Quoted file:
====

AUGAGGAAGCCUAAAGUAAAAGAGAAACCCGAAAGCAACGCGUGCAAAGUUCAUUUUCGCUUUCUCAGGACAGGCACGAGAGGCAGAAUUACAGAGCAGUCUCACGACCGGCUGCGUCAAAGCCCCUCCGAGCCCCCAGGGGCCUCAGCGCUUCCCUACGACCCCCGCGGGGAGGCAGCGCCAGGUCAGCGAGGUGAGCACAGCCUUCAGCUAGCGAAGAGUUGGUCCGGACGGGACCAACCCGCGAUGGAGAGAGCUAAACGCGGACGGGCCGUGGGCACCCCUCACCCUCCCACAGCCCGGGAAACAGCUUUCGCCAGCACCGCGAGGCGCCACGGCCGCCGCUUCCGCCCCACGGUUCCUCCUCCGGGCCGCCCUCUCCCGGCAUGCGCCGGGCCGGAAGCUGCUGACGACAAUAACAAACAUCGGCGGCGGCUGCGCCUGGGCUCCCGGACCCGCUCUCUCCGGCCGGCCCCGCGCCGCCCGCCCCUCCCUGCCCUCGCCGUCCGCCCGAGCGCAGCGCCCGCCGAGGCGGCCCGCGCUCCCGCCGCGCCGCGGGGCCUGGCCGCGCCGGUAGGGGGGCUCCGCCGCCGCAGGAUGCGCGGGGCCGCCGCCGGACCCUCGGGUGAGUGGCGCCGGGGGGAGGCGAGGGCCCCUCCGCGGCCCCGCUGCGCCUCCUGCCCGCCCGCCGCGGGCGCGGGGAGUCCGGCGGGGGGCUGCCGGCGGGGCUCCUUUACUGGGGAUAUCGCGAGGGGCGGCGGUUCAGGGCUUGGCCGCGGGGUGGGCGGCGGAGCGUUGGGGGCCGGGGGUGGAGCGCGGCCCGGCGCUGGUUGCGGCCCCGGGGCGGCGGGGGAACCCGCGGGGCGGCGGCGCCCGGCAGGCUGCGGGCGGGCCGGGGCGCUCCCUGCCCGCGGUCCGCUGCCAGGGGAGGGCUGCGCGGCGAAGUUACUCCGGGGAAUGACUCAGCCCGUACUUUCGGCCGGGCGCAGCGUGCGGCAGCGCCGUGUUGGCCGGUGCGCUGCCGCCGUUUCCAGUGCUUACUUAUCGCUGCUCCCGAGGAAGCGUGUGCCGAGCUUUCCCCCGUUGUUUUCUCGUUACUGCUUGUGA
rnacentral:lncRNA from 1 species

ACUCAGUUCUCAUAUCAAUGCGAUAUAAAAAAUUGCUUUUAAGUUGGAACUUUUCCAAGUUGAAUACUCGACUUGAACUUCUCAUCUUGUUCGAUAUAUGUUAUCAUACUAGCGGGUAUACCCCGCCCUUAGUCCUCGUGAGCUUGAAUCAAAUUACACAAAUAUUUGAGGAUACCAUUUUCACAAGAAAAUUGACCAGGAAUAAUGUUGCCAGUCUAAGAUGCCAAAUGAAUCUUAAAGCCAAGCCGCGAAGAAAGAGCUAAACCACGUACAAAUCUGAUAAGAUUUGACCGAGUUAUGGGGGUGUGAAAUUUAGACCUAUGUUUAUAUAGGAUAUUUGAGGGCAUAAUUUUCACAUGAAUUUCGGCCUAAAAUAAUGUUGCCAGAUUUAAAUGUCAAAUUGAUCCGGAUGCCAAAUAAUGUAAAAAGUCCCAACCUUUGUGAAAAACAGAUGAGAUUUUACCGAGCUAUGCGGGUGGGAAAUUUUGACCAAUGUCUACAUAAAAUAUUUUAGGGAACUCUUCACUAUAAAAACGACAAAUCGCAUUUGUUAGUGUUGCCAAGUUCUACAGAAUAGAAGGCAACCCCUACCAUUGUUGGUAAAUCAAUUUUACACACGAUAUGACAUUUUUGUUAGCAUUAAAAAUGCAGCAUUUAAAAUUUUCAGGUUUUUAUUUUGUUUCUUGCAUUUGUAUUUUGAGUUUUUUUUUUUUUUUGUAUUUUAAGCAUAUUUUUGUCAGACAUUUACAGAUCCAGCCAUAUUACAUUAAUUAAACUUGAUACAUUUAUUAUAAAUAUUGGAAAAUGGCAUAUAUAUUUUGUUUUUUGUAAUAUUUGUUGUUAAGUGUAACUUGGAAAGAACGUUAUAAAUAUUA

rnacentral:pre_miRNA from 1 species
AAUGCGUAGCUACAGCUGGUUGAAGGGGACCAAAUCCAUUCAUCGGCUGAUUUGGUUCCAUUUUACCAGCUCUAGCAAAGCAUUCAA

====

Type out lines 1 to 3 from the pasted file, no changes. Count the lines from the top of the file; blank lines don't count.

AUGAGGAAGCCUAAAGUAAAAGAGAAACCCGAAAGCAACGCGUGCAAAGUUCAUUUUCGCUUUCUCAGGACAGGCACGAGAGGCAGAAUUACAGAGCAGUCUCACGACCGGCUGCGUCAAAGCCCCUCCGAGCCCCCAGGGGCCUCAGCGCUUCCCUACGACCCCCGCGGGGAGGCAGCGCCAGGUCAGCGAGGUGAGCACAGCCUUCAGCUAGCGAAGAGUUGGUCCGGACGGGACCAACCCGCGAUGGAGAGAGCUAAACGCGGACGGGCCGUGGGCACCCCUCACCCUCCCACAGCCCGGGAAACAGCUUUCGCCAGCACCGCGAGGCGCCACGGCCGCCGCUUCCGCCCCACGGUUCCUCCUCCGGGCCGCCCUCUCCCGGCAUGCGCCGGGCCGGAAGCUGCUGACGACAAUAACAAACAUCGGCGGCGGCUGCGCCUGGGCUCCCGGACCCGCUCUCUCCGGCCGGCCCCGCGCCGCCCGCCCCUCCCUGCCCUCGCCGUCCGCCCGAGCGCAGCGCCCGCCGAGGCGGCCCGCGCUCCCGCCGCGCCGCGGGGCCUGGCCGCGCCGGUAGGGGGGCUCCGCCGCCGCAGGAUGCGCGGGGCCGCCGCCGGACCCUCGGGUGAGUGGCGCCGGGGGGAGGCGAGGGCCCCUCCGCGGCCCCGCUGCGCCUCCUGCCCGCCCGCCGCGGGCGCGGGGAGUCCGGCGGGGGGCUGCCGGCGGGGCUCCUUUACUGGGGAUAUCGCGAGGGGCGGCGGUUCAGGGCUUGGCCGCGGGGUGGGCGGCGGAGCGUUGGGGGCCGGGGGUGGAGCGCGGCCCGGCGCUGGUUGCGGCCCCGGGGCGGCGGGGGAACCCGCGGGGCGGCGGCGCCCGGCAGGCUGCGGGCGGGCCGGGGCGCUCCCUGCCCGCGGUCCGCUGCCAGGGGAGGGCUGCGCGGCGAAGUUACUCCGGGGAAUGACUCAGCCCGUACUUUCGGCCGGGCGCAGCGUGCGGCAGCGCCGUGUUGGCCGGUGCGCUGCCGCCGUUUCCAGUGCUUACUUAUCGCUGCUCCCGAGGAAGCGUGUGCCGAGCUUUCCCCCGUUGUUUUCUCGUUACUGCUUGUGA
rnacentral:lncRNA from 1 species

ACUCAGUUCUCAUAUCAAUGCGAUAUAAAAAAUUGCUUUUAAGUUGGAACUUUUCCAAGUUGAAUACUCGACUUGAACUUCUCAUCUUGUUCGAUAUAUGUUAUCAUACUAGCGGGUAUACCCCGCCCUUAGUCCUCGUGAGCUUGAAUCAAAUUACACAAAUAUUUGAGGAUACCAUUUUCACAAGAAAAUUGACCAGGAAUAAUGUUGCCAGUCUAAGAUGCCAAAUGAAUCUUAAAGCCAAGCCGCGAAGAAAGAGCUAAACCACGUACAAAUCUGAUAAGAUUUGACCGAGUUAUGGGGGUGUGAAAUUUAGACCUAUGUUUAUAUAGGAUAUUUGAGGGCAUAAUUUUCACAUGAAUUUCGGCCUAAAAUAAUGUUGCCAGAUUUAAAUGUCAAAUUGAUCCGGAUGCCAAAUAAUGUAAAAAGUCCCAACCUUUGUGAAAAACAGAUGAGAUUUUACCGAGCUAUGCGGGUGGGAAAUUUUGACCAAUGUCUACAUAAAAUAUUUUAGGGAACUCUUCACUAUAAAAACGACAAAUCGCAUUUGUUAGUGUUGCCAAGUUCUACAGAAUAGAAGGCAACCCCUACCAUUGUUGGUAAAUCAAUUUUACACACGAUAUGACAUUUUUGUUAGCAUUAAAAAUGCAGCAUUUAAAAUUUUCAGGUUUUUAUUUUGUUUCUUGCAUUUGUAUUUUGAGUUUUUUUUUUUUUUUGUAUUUUAAGCAUAUUUUUGUCAGACAUUUACAGAUCCAGCCAUAUUACAUUAAUUAAACUUGAUACAUUUAUUAUAAAUAUUGGAAAAUGGCAUAUAUAUUUUGUUUUUUGUAAUAUUUGUUGUUAAGUGUAACUUGGAAAGAACGUUAUAAAUAUUA